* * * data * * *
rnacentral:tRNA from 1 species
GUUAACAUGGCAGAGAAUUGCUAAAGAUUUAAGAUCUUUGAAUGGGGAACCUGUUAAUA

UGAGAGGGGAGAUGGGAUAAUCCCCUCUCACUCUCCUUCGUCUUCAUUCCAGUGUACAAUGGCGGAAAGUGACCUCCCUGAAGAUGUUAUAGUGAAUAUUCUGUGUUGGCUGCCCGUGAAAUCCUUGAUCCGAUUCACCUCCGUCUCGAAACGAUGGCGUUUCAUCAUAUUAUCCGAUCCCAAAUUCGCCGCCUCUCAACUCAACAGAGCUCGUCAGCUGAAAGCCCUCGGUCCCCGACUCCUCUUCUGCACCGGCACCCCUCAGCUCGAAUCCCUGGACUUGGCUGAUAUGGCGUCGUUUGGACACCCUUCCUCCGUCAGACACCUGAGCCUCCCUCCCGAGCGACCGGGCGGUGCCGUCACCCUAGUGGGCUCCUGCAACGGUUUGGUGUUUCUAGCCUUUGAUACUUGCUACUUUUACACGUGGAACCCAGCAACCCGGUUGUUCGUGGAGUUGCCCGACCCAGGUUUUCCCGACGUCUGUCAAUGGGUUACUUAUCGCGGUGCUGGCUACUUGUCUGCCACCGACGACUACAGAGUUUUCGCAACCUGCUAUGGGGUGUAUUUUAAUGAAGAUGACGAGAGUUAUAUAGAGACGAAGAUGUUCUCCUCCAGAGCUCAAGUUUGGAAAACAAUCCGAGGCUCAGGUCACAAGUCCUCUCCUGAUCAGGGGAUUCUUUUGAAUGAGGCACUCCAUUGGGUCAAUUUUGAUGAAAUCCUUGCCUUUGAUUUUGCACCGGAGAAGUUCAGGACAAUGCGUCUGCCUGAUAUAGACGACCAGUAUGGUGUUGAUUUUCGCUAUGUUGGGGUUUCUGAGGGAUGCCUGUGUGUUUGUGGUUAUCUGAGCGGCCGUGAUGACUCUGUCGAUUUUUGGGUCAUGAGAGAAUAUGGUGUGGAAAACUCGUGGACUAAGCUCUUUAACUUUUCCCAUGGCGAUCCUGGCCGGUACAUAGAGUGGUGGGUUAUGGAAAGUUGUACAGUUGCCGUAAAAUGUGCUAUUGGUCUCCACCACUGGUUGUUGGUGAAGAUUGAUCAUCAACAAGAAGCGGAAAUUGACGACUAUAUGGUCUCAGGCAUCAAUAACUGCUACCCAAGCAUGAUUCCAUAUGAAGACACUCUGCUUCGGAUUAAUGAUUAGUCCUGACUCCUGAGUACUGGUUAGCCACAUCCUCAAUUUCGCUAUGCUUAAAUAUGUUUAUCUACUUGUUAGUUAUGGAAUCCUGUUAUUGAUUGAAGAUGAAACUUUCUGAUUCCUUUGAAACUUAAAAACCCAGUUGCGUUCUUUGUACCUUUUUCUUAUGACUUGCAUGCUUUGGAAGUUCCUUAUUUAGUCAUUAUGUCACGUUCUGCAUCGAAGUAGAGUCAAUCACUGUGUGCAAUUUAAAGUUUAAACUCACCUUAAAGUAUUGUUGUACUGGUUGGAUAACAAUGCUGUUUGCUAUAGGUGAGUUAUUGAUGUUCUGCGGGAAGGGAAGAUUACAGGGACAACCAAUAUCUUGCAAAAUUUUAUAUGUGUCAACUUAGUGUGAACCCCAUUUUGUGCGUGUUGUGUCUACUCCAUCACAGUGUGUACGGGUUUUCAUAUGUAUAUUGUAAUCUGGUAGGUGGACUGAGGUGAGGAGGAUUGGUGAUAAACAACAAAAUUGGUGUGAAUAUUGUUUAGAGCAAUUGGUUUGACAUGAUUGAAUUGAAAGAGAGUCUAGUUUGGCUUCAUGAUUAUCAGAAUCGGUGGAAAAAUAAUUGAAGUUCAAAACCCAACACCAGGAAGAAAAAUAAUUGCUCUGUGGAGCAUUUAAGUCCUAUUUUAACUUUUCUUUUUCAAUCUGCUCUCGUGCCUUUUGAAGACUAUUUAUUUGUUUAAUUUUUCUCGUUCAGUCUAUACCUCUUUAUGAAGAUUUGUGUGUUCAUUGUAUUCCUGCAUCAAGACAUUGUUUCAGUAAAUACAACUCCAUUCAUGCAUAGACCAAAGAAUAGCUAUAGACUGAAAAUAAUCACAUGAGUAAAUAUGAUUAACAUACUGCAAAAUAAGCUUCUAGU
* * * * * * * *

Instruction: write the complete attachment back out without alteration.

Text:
rnacentral:tRNA from 1 species
GUUAACAUGGCAGAGAAUUGCUAAAGAUUUAAGAUCUUUGAAUGGGGAACCUGUUAAUA

UGAGAGGGGAGAUGGGAUAAUCCCCUCUCACUCUCCUUCGUCUUCAUUCCAGUGUACAAUGGCGGAAAGUGACCUCCCUGAAGAUGUUAUAGUGAAUAUUCUGUGUUGGCUGCCCGUGAAAUCCUUGAUCCGAUUCACCUCCGUCUCGAAACGAUGGCGUUUCAUCAUAUUAUCCGAUCCCAAAUUCGCCGCCUCUCAACUCAACAGAGCUCGUCAGCUGAAAGCCCUCGGUCCCCGACUCCUCUUCUGCACCGGCACCCCUCAGCUCGAAUCCCUGGACUUGGCUGAUAUGGCGUCGUUUGGACACCCUUCCUCCGUCAGACACCUGAGCCUCCCUCCCGAGCGACCGGGCGGUGCCGUCACCCUAGUGGGCUCCUGCAACGGUUUGGUGUUUCUAGCCUUUGAUACUUGCUACUUUUACACGUGGAACCCAGCAACCCGGUUGUUCGUGGAGUUGCCCGACCCAGGUUUUCCCGACGUCUGUCAAUGGGUUACUUAUCGCGGUGCUGGCUACUUGUCUGCCACCGACGACUACAGAGUUUUCGCAACCUGCUAUGGGGUGUAUUUUAAUGAAGAUGACGAGAGUUAUAUAGAGACGAAGAUGUUCUCCUCCAGAGCUCAAGUUUGGAAAACAAUCCGAGGCUCAGGUCACAAGUCCUCUCCUGAUCAGGGGAUUCUUUUGAAUGAGGCACUCCAUUGGGUCAAUUUUGAUGAAAUCCUUGCCUUUGAUUUUGCACCGGAGAAGUUCAGGACAAUGCGUCUGCCUGAUAUAGACGACCAGUAUGGUGUUGAUUUUCGCUAUGUUGGGGUUUCUGAGGGAUGCCUGUGUGUUUGUGGUUAUCUGAGCGGCCGUGAUGACUCUGUCGAUUUUUGGGUCAUGAGAGAAUAUGGUGUGGAAAACUCGUGGACUAAGCUCUUUAACUUUUCCCAUGGCGAUCCUGGCCGGUACAUAGAGUGGUGGGUUAUGGAAAGUUGUACAGUUGCCGUAAAAUGUGCUAUUGGUCUCCACCACUGGUUGUUGGUGAAGAUUGAUCAUCAACAAGAAGCGGAAAUUGACGACUAUAUGGUCUCAGGCAUCAAUAACUGCUACCCAAGCAUGAUUCCAUAUGAAGACACUCUGCUUCGGAUUAAUGAUUAGUCCUGACUCCUGAGUACUGGUUAGCCACAUCCUCAAUUUCGCUAUGCUUAAAUAUGUUUAUCUACUUGUUAGUUAUGGAAUCCUGUUAUUGAUUGAAGAUGAAACUUUCUGAUUCCUUUGAAACUUAAAAACCCAGUUGCGUUCUUUGUACCUUUUUCUUAUGACUUGCAUGCUUUGGAAGUUCCUUAUUUAGUCAUUAUGUCACGUUCUGCAUCGAAGUAGAGUCAAUCACUGUGUGCAAUUUAAAGUUUAAACUCACCUUAAAGUAUUGUUGUACUGGUUGGAUAACAAUGCUGUUUGCUAUAGGUGAGUUAUUGAUGUUCUGCGGGAAGGGAAGAUUACAGGGACAACCAAUAUCUUGCAAAAUUUUAUAUGUGUCAACUUAGUGUGAACCCCAUUUUGUGCGUGUUGUGUCUACUCCAUCACAGUGUGUACGGGUUUUCAUAUGUAUAUUGUAAUCUGGUAGGUGGACUGAGGUGAGGAGGAUUGGUGAUAAACAACAAAAUUGGUGUGAAUAUUGUUUAGAGCAAUUGGUUUGACAUGAUUGAAUUGAAAGAGAGUCUAGUUUGGCUUCAUGAUUAUCAGAAUCGGUGGAAAAAUAAUUGAAGUUCAAAACCCAACACCAGGAAGAAAAAUAAUUGCUCUGUGGAGCAUUUAAGUCCUAUUUUAACUUUUCUUUUUCAAUCUGCUCUCGUGCCUUUUGAAGACUAUUUAUUUGUUUAAUUUUUCUCGUUCAGUCUAUACCUCUUUAUGAAGAUUUGUGUGUUCAUUGUAUUCCUGCAUCAAGACAUUGUUUCAGUAAAUACAACUCCAUUCAUGCAUAGACCAAAGAAUAGCUAUAGACUGAAAAUAAUCACAUGAGUAAAUAUGAUUAACAUACUGCAAAAUAAGCUUCUAGU